by Jeela Ongley
There was a time when vinyl records were handled with the utmost care: You’d delicately slide the platter from its sleeve (avoiding the etched surfaces at all costs), secure it on the spindle, then balance the stylus on its smooth lip. The telltale "ssssshht" sound marked the moment the needle slid into the groove, where it stayed until the A-side finished, and it was time to turn the record over. Back in those days, before baby boomers abandoned vinyl, a record collection didn’t travel far from the home entertainment system, and children were not trusted to put their grubby little fingers on the hi-fi.
DJ QBert sends sound
spaceward from a rooftop
in Honolulu's Chinatown.
photo: V. Violet
Fast forward to the present. Vinyl records are tools in the hands of sonic architects who literally "scratch" discs by moving them back and forth while the turntable spins. Records are marked and manhandled, and the needle touches down only at the break or sound that the DJ chooses. The art of scratching grew out of the culture of hip-hop, and now it’s got its own branch on the musical tree; the debate over whether a turntable can be used as a musical instrument is passé—the answer, explains internationally known DJ QBert, is a very definite yes.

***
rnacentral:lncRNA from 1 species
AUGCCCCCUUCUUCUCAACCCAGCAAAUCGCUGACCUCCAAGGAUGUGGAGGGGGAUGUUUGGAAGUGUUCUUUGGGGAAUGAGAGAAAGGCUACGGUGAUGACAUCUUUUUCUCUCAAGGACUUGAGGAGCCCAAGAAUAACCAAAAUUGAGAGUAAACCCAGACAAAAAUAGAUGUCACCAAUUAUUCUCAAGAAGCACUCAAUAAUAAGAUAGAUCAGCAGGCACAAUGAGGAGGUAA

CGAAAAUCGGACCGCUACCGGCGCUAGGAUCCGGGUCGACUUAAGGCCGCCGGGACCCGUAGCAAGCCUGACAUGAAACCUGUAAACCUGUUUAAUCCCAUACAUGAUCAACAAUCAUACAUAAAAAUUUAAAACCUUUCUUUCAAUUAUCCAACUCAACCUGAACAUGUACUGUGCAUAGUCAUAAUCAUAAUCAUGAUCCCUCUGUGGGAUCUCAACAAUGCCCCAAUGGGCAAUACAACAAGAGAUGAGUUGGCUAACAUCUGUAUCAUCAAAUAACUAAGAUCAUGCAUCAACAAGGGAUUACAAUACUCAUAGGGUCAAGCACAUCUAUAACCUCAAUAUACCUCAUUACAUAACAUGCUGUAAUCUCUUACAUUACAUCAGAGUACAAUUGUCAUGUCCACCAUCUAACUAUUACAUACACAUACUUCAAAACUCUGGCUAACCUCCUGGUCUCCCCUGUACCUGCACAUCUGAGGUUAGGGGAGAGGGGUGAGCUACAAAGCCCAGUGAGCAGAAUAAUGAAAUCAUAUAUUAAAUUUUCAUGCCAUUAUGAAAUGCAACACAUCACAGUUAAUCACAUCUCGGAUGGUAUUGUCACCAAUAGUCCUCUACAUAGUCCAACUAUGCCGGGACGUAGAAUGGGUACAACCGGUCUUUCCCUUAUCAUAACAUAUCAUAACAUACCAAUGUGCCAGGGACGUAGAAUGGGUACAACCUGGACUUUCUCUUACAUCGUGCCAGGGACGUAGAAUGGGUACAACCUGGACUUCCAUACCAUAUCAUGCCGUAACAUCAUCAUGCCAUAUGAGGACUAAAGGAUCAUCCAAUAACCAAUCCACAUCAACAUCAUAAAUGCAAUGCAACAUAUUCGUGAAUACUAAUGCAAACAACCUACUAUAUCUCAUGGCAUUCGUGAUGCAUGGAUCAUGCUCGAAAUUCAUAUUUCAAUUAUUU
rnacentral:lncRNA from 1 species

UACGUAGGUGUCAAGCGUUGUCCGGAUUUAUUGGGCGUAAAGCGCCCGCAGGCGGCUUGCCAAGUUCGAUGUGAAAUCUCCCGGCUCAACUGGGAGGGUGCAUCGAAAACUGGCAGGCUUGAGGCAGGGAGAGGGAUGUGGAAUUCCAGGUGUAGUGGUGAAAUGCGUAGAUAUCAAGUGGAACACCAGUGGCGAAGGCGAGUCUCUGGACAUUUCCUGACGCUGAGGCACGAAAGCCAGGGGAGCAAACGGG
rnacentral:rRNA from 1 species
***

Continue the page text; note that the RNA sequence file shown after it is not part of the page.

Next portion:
QBert is one of the world’s most influential and innovative scratch DJs. He carries himself like a Zen master, with an ever-present air of calm. On stage, he has an explosive energy as his hands execute lightening-fast maneuvers, flying over his instruments—turntables, a mixer—as he builds a musical collage with layers of beats, scratches and samples. He makes it look easy and natural but still remembers his initial astonishment when, as a teenager living in Northern California, he saw DJ Grandmaster DST performing with Herbie Hancock on a mid-’80s television special; they were doing Rockit, the hit that popularized scratching, and DST was manipulating a turntable to get sounds that QBert had never heard before. "I was like, what is that?" he says. "It was so futuristic."
Within a year, QBert was scratching along to the radio using an Egyptian Lover album on an old console stereo his father had given him. Though he started "just for fun," his competitive spirit quickly emerged and found an outlet in the burgeoning Bay Area DJ scene. "It became like a sport, I guess," he explains, "to meet up with all these DJs and try to have better ideas than them."
On the scene, QBert met DJ Yoga Frog, who is today his artistic and business partner. Together, they now run Thud Rumble, one of the most original and important DJ-centric enterprises on the planet—one that operates, in part, out of Honolulu.